Algeria: No Cure For The Oil Curse

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April 16, 2014: The presidential election is held tomorrow and the voters are not happy at the fact that the incumbent (Abdelaziz Bouteflika) is being reelected even though he is too infirm (via age and a recent stroke) to campaign himself, much less govern. The give other candidates believe the government will rig the vote. Most Algerians want Bouteflika and his corrupt cronies out of power but that is not happening as long as Bouteflika still has the support of the security forces. He does have that support so he can hang on. As public anger grows there is a the growing risk of dissatisfaction spreading to the soldiers and police, who have a better sense of the public mood than the wealthy and corrupt officials and businessmen who surround Bouteflika. This could get ugly and to avoid losing power the government offered to change the constitution to, in theory, give more people more access to government decision making. Most Algerians see this another scam that provides the illusion of democracy while the reality is still rigged elections and bureaucrats doing what they want, not what the people need.

Bouteflika has been in power since 1999 and he held on mainly because the oil price shot up because of growing demand from India and East Asia. The Algerian government took in over $700 billion dollars during the last fifteen years and Algerians could not help but notice that senior politicians and their families became enormously rich while the rest of the economy stagnated and the unemployment rate kept going up. In response to this the government has been more active in prosecuting corrupt officials, but it’s always the lower ranking ones. The most senior people and their families are largely immune. These families became rich via the simple technique of adding 10-20 percent to the cost of government contracts and distributing that money among themselves. Nothing unique about that, nor about how as long as the security forces are well paid and content the plundering can continue indefinitely. Only a major uprising can upset this and that is very hard to get going as long as the people running the government know who to pay off, who to chase out of the country and who to imprison or murder. Many Algerians believe the current crooks running things are losing their touch and many Algerians see growing opportunities for another revolution. That, however, is no panacea because these rebellions against corrupt older rebels often results in a new generation of corrupt officials taking over. This is an ancient problem in nations that have lucrative natural resource exports. With lots of money flowing through a small group of people (the government) it is all too easy for those in power to take a cut and pay off enough subordinates to keep this scam going indefinitely, or until replaced by another gang of crooks.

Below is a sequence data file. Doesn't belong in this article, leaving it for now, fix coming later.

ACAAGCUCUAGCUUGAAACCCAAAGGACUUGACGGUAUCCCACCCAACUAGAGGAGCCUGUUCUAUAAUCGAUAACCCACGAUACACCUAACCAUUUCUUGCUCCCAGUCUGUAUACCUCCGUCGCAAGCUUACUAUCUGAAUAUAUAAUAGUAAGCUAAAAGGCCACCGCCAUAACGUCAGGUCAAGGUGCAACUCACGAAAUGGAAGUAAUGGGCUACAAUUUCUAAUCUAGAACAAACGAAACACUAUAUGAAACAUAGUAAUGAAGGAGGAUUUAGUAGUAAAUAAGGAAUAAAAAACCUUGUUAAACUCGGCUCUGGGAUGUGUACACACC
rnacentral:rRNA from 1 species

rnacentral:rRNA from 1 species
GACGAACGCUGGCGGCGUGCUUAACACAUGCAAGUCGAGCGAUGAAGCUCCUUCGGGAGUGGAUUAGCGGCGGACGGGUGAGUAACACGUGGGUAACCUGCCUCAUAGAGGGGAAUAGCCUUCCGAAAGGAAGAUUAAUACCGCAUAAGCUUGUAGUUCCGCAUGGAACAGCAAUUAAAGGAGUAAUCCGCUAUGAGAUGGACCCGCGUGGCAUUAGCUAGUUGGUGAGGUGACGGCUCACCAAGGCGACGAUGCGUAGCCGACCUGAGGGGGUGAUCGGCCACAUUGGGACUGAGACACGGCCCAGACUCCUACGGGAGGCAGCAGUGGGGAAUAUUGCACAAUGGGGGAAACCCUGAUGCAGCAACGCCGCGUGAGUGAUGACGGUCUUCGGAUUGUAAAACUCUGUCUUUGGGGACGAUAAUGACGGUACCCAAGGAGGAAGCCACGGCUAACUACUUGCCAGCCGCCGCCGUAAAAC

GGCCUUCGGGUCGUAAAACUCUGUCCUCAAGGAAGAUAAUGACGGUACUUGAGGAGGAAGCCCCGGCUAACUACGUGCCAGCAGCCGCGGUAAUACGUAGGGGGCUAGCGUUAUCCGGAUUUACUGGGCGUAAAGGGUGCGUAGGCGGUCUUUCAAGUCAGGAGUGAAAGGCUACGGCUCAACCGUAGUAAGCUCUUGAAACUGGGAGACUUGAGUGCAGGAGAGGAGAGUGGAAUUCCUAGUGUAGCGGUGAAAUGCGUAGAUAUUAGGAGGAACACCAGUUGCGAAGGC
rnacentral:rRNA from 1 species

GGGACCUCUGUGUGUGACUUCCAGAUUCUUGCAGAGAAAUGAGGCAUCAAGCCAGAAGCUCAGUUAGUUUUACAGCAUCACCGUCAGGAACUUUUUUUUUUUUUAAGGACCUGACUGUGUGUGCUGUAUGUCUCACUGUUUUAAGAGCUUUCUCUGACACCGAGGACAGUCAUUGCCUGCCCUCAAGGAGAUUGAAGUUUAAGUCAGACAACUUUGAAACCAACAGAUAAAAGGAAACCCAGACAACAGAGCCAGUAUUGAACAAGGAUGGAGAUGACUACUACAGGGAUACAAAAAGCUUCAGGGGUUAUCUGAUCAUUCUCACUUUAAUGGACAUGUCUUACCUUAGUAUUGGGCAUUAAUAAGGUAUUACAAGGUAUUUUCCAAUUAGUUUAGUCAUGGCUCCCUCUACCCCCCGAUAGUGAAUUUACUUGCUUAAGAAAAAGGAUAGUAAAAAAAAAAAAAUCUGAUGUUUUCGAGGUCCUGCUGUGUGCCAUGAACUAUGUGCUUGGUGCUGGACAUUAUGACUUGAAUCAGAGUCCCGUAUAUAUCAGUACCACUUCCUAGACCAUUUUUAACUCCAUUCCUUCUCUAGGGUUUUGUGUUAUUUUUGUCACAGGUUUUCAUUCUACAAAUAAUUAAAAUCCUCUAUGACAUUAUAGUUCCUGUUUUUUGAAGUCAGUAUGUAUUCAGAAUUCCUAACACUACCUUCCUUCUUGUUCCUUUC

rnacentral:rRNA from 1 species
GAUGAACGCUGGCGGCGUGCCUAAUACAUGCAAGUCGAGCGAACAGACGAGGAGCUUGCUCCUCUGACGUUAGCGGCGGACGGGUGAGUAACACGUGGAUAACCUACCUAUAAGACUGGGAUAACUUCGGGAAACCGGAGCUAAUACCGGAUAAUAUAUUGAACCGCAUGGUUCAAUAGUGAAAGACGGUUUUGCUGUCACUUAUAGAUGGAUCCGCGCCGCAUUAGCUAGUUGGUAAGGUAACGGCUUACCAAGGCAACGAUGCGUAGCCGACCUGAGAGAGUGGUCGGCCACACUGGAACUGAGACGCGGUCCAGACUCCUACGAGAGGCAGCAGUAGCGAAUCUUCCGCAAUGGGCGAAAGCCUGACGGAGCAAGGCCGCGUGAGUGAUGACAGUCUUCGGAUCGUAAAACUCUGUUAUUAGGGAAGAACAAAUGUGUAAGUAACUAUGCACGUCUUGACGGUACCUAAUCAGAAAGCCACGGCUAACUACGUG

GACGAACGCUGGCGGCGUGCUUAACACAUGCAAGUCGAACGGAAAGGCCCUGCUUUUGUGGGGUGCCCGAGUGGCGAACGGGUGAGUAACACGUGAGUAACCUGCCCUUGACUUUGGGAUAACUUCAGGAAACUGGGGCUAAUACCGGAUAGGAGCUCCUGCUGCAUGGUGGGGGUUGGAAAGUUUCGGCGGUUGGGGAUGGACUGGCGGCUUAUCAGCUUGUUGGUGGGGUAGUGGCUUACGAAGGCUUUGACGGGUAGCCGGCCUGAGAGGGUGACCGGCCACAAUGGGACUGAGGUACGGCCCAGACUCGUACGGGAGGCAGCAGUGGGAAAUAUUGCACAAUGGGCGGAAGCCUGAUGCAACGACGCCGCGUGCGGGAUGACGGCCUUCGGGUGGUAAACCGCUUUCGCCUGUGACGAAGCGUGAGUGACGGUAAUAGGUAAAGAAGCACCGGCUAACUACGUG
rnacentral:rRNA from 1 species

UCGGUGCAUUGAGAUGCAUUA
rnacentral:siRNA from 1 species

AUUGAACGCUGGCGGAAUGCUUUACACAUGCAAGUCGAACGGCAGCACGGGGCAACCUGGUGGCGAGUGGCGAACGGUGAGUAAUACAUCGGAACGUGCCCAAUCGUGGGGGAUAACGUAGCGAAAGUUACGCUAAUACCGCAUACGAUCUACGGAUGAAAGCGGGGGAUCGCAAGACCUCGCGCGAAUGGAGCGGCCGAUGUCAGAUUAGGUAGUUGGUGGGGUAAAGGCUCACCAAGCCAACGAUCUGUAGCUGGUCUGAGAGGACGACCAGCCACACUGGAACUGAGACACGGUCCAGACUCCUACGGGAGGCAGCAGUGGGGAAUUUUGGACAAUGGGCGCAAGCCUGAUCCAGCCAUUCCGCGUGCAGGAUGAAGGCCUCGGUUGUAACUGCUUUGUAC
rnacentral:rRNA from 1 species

April 13, 2014: About 120 kilometers east of the capital (in the largely Berber Kabylie region) troops ambushed some Islamic terrorists and killed two of them. Later in the day, further east (Khenchela, near the Tunisian border) troops killed four more Islamic terrorists.

April 12, 2014: Islamic terrorists released a video of one of the three Algerian diplomats taken captive by Islamic terrorists in Mali in April 2012. This is the first message from the kidnappers since January 2013. Originally seven Algerians were taken but since then three have been released and one killed. Now there is proof that one of the three is still alive. There has been no direct contact with the captors since a French led invasion of northern Mali in January 2013. It was believed the Islamic terrorists holding the Algerians were on the run and it was hoped that the French would find and free them. That has not happened and now the Islamic terrorists holding one of the Algerians feel secure enough to resume demanding ransom. The government does not want to pay ransom, so as not to encourage more such attacks.